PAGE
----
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Mechanism of Interannual Variation of Meridional Overturning Circulation of the North Atlantic Ocean

Cecile Cabanes(1) , Tony Lee(1) , and Lee-Lueng Fu(1)

(1) Jet Propulsion Laboratory, 4800 Oak Grove Dr., Pasadena, CA, 91109, United States

Abstract

The low-frequency variability of the meridional overturning circulation (MOC) of the North Atlantic Ocean has important climate implications because it is the main carrier of the meridional heat transport in the ocean. Previous studies suggest that, on decadal time scales, the variability of the MOC is primarily caused by buoyancy forcing, and that sea level can be used as an indicator of the changes in MOC. In this study, we investigate the nature of the interannual variability of the MOC and its relation to sea level using an ECCO assimilation product in which TOPEX/Poseidon and JASON-1 altimeter data have been assimilated. The time series of the 1st Empirical Orthogonal Function (EOF) of the MOC are found to be coherent with the North Atlantic Oscillation (NAO) index. To decipher the processes associated with such interannual variation in the MOC, we decompose the MOC variation into the contributions by (1) the Ekman flow and its depth-independent compensation, (2) the vertical shear flow, and (3) the external mode associated with the barotropic gyre. The latter is caused by meridional barotropic currents flowing in different longitude bands over different depths and give rise to an apparent meridional overturning circulation upon zonal average. For example, when the Gulf Stream travels over shallower depths in the west and its interior return flow goes over much great depths in the east, the resulting meridional transport stream function is characterized by an apparent "overturning" with northward flow in the upper ocean and southward flow at depths. The vertical shear component is found to explain much of the variability of the MOC at mid-latitudes. The contributions by the Ekman component and external mode are important in the tropics and at high-latitudes, respectively. By thermal wind relation, the variation in geostrophic vertical shear is proportional to east-west density difference across the basin. This relation is used to diagnose how the local and remote wind forcing generate the east-west temperature difference across the basin to drive the anomalous MOC. The relation of the east-west density difference to sea level is also addressed.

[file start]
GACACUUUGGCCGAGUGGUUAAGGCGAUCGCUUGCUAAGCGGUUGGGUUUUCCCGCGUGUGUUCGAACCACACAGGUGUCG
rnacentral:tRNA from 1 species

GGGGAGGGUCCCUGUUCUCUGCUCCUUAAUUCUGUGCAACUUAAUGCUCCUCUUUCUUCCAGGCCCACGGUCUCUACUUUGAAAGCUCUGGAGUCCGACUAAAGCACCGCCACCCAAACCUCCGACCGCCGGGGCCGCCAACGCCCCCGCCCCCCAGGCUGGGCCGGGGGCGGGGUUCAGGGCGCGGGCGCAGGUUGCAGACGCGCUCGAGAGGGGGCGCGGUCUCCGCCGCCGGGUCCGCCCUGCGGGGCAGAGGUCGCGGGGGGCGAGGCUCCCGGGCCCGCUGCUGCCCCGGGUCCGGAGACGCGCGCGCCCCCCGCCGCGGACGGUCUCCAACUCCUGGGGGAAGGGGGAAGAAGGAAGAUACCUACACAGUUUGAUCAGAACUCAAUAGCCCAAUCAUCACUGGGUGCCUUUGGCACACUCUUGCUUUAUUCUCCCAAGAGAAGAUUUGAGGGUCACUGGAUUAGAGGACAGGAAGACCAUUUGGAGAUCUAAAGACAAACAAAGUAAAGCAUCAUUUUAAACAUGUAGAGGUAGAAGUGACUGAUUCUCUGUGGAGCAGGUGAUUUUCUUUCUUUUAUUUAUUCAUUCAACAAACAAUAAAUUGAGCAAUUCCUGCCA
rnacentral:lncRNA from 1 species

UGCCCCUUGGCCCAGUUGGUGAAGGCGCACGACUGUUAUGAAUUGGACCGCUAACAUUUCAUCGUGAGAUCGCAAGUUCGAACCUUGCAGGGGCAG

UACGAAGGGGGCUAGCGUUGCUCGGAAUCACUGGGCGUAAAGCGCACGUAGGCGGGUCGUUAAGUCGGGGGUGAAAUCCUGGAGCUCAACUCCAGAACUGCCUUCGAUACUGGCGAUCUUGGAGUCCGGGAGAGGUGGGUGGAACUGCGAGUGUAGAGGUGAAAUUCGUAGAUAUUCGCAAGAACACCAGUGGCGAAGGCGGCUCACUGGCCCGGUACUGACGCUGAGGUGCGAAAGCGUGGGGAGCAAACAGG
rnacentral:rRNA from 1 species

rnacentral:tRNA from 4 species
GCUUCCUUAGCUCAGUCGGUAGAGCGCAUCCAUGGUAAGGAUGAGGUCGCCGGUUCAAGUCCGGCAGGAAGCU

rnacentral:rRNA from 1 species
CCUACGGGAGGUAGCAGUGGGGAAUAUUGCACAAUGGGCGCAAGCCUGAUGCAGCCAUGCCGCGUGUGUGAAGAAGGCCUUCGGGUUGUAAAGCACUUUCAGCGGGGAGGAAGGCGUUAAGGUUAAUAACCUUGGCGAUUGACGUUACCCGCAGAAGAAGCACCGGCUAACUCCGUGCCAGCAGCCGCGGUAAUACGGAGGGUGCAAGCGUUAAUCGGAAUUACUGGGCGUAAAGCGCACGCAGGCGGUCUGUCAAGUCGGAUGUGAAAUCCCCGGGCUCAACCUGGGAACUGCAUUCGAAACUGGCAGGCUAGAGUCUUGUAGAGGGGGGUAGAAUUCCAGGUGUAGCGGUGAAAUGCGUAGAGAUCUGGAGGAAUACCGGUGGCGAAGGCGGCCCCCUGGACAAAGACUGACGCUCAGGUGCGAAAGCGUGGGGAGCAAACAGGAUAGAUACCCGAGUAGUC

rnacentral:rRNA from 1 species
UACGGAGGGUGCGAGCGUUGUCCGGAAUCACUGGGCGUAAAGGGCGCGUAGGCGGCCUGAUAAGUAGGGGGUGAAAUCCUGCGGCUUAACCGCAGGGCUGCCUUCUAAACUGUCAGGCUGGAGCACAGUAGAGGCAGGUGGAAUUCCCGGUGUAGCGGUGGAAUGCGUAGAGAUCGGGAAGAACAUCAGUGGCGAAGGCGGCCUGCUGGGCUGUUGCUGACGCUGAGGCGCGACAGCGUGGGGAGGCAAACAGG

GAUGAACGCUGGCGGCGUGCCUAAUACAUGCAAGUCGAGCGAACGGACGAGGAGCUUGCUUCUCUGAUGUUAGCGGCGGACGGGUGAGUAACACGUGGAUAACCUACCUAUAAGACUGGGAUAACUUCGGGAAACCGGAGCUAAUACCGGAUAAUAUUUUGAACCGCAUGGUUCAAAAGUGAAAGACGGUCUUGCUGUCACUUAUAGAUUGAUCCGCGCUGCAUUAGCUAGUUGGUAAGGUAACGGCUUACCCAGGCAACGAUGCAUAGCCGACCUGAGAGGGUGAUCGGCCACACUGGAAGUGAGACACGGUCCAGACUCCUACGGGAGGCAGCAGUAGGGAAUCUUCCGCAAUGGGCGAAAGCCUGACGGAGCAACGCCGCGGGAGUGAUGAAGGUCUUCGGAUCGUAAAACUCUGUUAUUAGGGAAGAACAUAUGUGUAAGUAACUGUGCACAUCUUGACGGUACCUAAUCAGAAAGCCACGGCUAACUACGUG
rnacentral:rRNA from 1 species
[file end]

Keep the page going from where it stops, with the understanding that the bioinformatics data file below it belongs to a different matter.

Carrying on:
Workshop poster

 

                 Last modified: 07.10.03